Craving unhealthy potato chips and dip at the August picnic? Blame this disruption in your diet on the subliminal influence of the American Goldfinch flying nearby. This bird will call “po-tato-chips” and then “dip” in its undulating flight. Okay use lots of imagination and maybe a few picnic beers will aid recognizing this commonly known mimic phrase. However, a perching male Goldfinch sings a beautiful musical mix of warbles and trills. This song along with his brilliant yellow and black plumage are signs of summer in Skagit County.
A plumage changer, the American Goldfinch molts twice each year, once in spring and then a second time in fall. All other finches molt only once in fall. This spring molt changes the male from a drab olive-gray in winter to bright yellow with a black cap. The female transforms from dull olive-brown to olive-brown with yellow highlights. Both sexes change bill color, gray in winter to orange in spring. The black and white wings, notched tail and white under tail coverts reman the same year round. Juveniles exhibit plumage similar to winter adults.
Human activity actually benefits the Goldfinch. Deforestation creates open meadows, farmland and suburban areas which is preferred habitat. Meadows provide wildflowers and grasses. Goldfinches like the cover of bushes and small trees along the edges of meadows. Bird feeders are additional food sources and increase numbers in residential areas. A feeder filled with niger seed (wrongly called thistle) is a sure bet to attract Goldfinches. Be sure to place the feeder where birds can easily seek cover in nearby bushes or trees.
Goldfinches are known as granivores. They primarily eat seeds by hanging on seed heads of plants instead of foraging on the ground. Thistle and dandelion seeds are two favorites. The pappus, short hairs or bristles, of these two plants provides soft lining material for nests. These birds depend on the abundance of seeds for successful nesting. Therefore, they are late season nesters in Skagit County. Nest building starts in July. Construction consists of pliable vegetation lined with pappus in a bowl shape secured to branches with spider web or caterpillar silk. Both the male and female gather materials for nest building. The female is in charge of construction. After laying four to six pale blue eggs, she will spend 95% of her time incubating the eggs over 10 to 12 days. During this time the male brings food to her on the nest. They are often a host for Cowbird eggs. However, this proves to be a bad choice since Cowbird nestlings cannot survive on a vegetarian diet. In Skagit County, Goldfinches have one brood per nesting season.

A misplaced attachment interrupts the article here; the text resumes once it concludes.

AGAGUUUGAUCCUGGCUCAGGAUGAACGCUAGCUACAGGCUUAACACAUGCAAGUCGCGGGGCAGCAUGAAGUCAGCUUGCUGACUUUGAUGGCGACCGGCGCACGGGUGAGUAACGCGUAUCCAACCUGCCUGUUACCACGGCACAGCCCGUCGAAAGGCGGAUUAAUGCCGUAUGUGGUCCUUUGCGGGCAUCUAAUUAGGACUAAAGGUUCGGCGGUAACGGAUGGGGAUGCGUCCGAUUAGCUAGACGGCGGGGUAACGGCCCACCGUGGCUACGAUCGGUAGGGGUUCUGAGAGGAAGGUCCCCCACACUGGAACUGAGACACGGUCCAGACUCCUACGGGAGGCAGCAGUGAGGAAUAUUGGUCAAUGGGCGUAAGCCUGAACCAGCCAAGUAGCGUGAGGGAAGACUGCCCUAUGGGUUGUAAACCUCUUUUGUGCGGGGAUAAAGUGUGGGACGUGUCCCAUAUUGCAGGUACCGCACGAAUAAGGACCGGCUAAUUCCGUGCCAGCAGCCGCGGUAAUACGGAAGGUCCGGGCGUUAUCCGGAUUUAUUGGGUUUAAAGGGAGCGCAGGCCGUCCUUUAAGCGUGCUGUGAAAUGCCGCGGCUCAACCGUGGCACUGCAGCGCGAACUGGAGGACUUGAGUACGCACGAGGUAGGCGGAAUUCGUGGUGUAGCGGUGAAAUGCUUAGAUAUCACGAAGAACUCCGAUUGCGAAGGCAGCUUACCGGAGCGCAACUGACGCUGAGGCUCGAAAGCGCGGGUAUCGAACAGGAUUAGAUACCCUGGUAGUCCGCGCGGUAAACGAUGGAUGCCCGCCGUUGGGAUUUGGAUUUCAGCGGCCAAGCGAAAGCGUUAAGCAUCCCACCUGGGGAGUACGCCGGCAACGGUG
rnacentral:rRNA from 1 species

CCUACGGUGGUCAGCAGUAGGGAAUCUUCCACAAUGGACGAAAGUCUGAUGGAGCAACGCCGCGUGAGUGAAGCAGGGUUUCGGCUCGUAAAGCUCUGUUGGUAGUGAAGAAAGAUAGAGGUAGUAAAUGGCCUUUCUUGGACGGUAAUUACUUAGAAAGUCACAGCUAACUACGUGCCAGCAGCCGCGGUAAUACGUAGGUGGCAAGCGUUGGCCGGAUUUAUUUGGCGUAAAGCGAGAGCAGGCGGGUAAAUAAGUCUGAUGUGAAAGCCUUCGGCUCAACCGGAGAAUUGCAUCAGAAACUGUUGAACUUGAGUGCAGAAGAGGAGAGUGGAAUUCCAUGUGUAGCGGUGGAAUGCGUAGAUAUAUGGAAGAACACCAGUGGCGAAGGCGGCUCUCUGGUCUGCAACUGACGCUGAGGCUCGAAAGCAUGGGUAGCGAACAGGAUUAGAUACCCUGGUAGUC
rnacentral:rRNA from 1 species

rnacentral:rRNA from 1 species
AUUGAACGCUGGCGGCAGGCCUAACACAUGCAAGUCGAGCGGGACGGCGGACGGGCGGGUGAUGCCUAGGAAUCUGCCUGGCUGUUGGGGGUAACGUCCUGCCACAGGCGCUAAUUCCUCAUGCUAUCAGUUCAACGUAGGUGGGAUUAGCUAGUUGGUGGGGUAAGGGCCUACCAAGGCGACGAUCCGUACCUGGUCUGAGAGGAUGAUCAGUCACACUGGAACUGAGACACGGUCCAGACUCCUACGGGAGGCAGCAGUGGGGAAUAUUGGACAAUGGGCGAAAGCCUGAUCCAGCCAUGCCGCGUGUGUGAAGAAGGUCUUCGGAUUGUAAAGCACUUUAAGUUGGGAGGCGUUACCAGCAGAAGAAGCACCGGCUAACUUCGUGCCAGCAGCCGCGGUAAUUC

The American Goldfinch is the official bird of the State of Washington, along with Iowa and New Jersey. Becoming the state symbol was not a smooth flight. School children in 1928 selected the Meadowlark as the state bird, same as seven other states at the time. In 1931, the Washington Federation of Women's Clubs picked the Goldfinch over the Tanager, Song Sparrow, Junco and Pileated Woodpecker. Finally in 1951, state legislators asked school children again to decide between the “Willow Goldfinch” and the Meadowlark. The Goldfinch won. In the 1950's Goldfinches east of the Rockies were know as “Eastern Goldfinches.” West Coast birds were “Willow Goldfinches.” Today both are called American Goldfinches.
They are generally very social birds. However, Goldfinches can be territorial during breeding season. A group is called a “charm” or “treasury.” So treasure these charming birds at the next picnic in Skagit County and be sure to pack potato chips and dip!
References available upon request.